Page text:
Another example showing the emigration of former slaves to Liberia in the 19th c. was not voluntary

In the 19th century, the American Colonization Society (ACS), a white-dominated private organization, financed and organized the transportation of nearly 13,000 African-Americans to the West Coast of Africa and their settlement on a coastal strip of land, with diplomatic, military, financial and logistical support of the US Government. In 1847, the American colonies thus created declared themselves independent. The Republic of Liberia was a reality.

On multiple occasions I have explained that, in many cases, the emigration of African-Americans, mostly former slaves, to Africa was far from voluntary. I supported this with historical documents. See e.g. my posts dated November 12, 2020, ‘Conditional manumission and emigration to Liberia‘, and December 13, 2020, ‘A letter from Edina (Liberia), dated May 2, 1838‘.

Unfortunately, there exists no historical overview and analysis of how many colonists were forced to leave the country where they were born and where they had grown up.

Below I offer another proof of the historic reality of forced emigration. The 19th c. African-American colonists to Africa have often been presented as courageous people who took their destiny into their own hands. In many cases they indeed were brave people, who courageously faced an uncertain future in an unknown land with no infrastructure, a harsh and humid tropical climate, deadly diseases and a hostile indigenous population. However, many of them had not opted voluntary for the new environment where they would spend the rest of their lives. It is significant that emigration of African-Americans from the United States to Liberia came to a virtual standstill after US President Abraham Lincoln issued the Emancipation Proclamation in 1862 declaring that as from January 1, 1863 all persons held as slaves in the southern, rebellious states were free.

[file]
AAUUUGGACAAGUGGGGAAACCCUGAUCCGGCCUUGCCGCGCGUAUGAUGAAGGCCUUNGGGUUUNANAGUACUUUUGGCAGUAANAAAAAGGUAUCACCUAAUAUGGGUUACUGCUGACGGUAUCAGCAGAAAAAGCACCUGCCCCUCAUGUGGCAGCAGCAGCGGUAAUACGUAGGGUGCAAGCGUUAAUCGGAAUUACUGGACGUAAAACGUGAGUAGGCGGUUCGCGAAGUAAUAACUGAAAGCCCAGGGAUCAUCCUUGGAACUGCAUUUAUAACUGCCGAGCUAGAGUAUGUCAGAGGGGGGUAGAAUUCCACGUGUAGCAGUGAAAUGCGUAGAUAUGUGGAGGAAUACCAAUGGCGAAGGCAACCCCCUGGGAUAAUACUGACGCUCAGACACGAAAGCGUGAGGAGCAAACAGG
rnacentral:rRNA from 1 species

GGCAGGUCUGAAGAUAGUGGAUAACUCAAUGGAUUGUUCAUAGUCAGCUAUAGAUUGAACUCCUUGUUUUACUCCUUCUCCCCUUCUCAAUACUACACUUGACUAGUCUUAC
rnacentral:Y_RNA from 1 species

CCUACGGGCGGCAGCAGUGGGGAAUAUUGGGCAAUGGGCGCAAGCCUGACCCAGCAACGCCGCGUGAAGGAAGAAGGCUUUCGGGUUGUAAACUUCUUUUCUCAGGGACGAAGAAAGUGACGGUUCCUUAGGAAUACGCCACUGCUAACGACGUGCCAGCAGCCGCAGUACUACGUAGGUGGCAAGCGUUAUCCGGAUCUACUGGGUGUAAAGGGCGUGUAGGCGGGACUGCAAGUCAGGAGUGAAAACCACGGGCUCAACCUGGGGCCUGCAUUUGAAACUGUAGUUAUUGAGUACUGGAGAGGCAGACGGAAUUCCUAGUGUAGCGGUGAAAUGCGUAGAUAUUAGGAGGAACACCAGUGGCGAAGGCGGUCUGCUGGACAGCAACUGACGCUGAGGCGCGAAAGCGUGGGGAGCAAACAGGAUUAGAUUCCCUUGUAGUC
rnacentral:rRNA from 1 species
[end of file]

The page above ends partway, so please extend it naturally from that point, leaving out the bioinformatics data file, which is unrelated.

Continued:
The 1844 newspaper ‘Public Leger’, published in Philadelphia, Penns., carries a short article in its May 7 edition on the voyage of 18 manumitted slaves to Africa.

They were manumitted by the last will of a Missouri slaveholder, Thomas Lindsay of St. Charles county, on condition of their emigrating to Liberia.

In the words of Thomas Jefferson, one of the founding Fathers of the United States, third president of the US, and a staunch supporter of the American Colonization Society: There is no place for two races in this country.’

Source: Public Ledger, Philadelphia, Tuesday, May 7, 1844, frontpage.
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